To be clear, I didn’t invent this approach by myself. Many people are thinking along these lines. It was very important to me to cite a prominent Black South African woman legal scholar who supports this approach, Penelope Andrews. She is the first Black woman to be a dean of a law school in South Africa. I think the fact that she agreed this substitution was not only appropriate but would lead to enhanced responses to the situation of Afghan women, and she also suggested this in her own scholarship, was a very important piece of support.
What has been the reaction to the paper so far?
Beyond my wildest imagination. I've been absolutely thrilled at the way that the paper has been embraced, first by Afghan women advocates themselves. For this paper, I carried out a set of remote interviews with Afghan women human rights defenders, many of whom had just been evacuated or were still on the ground in Afghanistan and were subsequently evacuated. It was important to me that they were participating in this research, they were not just objects of it. And of those I interviewed, all but one agreed with the characterization of the situation in their country as gender apartheid.
Since the paper was published, I've been invited to speak widely, including at the Afghan Institute for Strategic Studies and at the American Society of International Law Annual Meeting, and to participate in a consultation with Afghan human rights defenders and the UN special rapporteur on the situation of human rights in Afghanistan. I have talked to civil society advocates on the frontlines, and I have talked to very high-level people, sometimes in confidential settings. There has been a great deal of interest, and it has been exciting to see all the high-level voices who are now using this term.
I have been working to encourage more governments to use this language in their statements about Afghanistan and to insert this language—and the legal consequences that go with it—into resolutions on Afghanistan, perhaps beginning at the level of the UN Human Rights Council. Beyond the global campaign on gender apartheid that was launched on International Women's Day, there's a long list of consultations that I'm going to be participating in going forward.
But ultimately, what matters most is not that people say these "magic words," gender apartheid; what matters most is that states and other actors effectively fulfill all the legal obligations that come with using the apartheid framework, which is the requirement to take concerted, effective action to end an illegal situation. That's the long-term goal.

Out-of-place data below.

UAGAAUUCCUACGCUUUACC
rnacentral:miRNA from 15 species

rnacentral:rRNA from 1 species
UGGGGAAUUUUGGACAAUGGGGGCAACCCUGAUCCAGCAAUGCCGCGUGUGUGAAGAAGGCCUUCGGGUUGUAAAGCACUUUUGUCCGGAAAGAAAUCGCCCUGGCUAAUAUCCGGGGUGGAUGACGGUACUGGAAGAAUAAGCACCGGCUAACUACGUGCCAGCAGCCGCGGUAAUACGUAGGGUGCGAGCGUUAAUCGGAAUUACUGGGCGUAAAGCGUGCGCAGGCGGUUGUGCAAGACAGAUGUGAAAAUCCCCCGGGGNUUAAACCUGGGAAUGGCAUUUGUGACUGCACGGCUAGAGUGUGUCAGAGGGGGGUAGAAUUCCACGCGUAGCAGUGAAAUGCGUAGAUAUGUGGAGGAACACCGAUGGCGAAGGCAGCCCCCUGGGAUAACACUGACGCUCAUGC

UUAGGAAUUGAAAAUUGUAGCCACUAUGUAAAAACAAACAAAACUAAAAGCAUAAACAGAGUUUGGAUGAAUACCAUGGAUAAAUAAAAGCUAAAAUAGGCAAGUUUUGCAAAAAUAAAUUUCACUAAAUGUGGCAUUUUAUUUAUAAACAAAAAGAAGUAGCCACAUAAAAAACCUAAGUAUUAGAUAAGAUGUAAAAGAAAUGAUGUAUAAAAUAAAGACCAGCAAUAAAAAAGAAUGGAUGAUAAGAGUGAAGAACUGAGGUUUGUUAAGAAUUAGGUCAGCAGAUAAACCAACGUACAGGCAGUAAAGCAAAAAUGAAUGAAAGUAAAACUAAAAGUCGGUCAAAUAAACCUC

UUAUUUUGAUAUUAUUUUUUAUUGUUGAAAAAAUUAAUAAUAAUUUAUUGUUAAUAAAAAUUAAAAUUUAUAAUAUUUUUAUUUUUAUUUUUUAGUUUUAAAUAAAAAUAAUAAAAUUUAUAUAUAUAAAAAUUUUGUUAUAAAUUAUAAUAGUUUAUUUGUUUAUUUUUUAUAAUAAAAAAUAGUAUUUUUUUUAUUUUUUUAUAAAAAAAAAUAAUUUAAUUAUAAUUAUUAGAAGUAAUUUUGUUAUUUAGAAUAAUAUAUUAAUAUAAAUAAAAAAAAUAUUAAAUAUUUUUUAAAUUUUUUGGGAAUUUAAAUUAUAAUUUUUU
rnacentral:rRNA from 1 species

Are there things that interested, concerned individuals can be doing to help further the cause?
It really depends on the context in which people are working. Certainly, for lawyers, there's a lot of room for innovative litigation, both at the international level and domestically. One of the things the campaign calls for is changing domestic law around the world to incorporate the concept of gender apartheid, citing gender apartheid as a basis for sanctions, and so on. There are interesting cases that could be brought, including by encouraging the prosecutor of the International Criminal Court to do so, although there's some work to be done to make that happen because the Court’s Rome Statute uses the 20th-century definition of apartheid. There is a lot of room for lawyers to submit cases from Afghanistan that document the reality of gender apartheid to the mechanisms that make up the UN human rights system.
Also: Inviting Afghan women human rights defenders to speak, translating things that they write, and helping get those things published and shared. Unfortunately, there is also still a huge amount of work in the immigration area—supporting Afghan women in their asylum cases around the world. I hope that the United States will follow the very courageous lead of countries that have decided that Afghan women as a group are entitled to asylum, given the nature of the gender apartheid regime. People can advocate for that in the United States.
Finally, I would ask people to consider sharing the article and sharing the fact sheets that are available in my Twitter feed that I prepared with Michigan Law Student Amulya Vadapalli, ’23. But most importantly, to share the words of Afghan women themselves. They are calling for principled responses to the ever-increasing restrictions they face, including the terrible new ban on women working for the UN.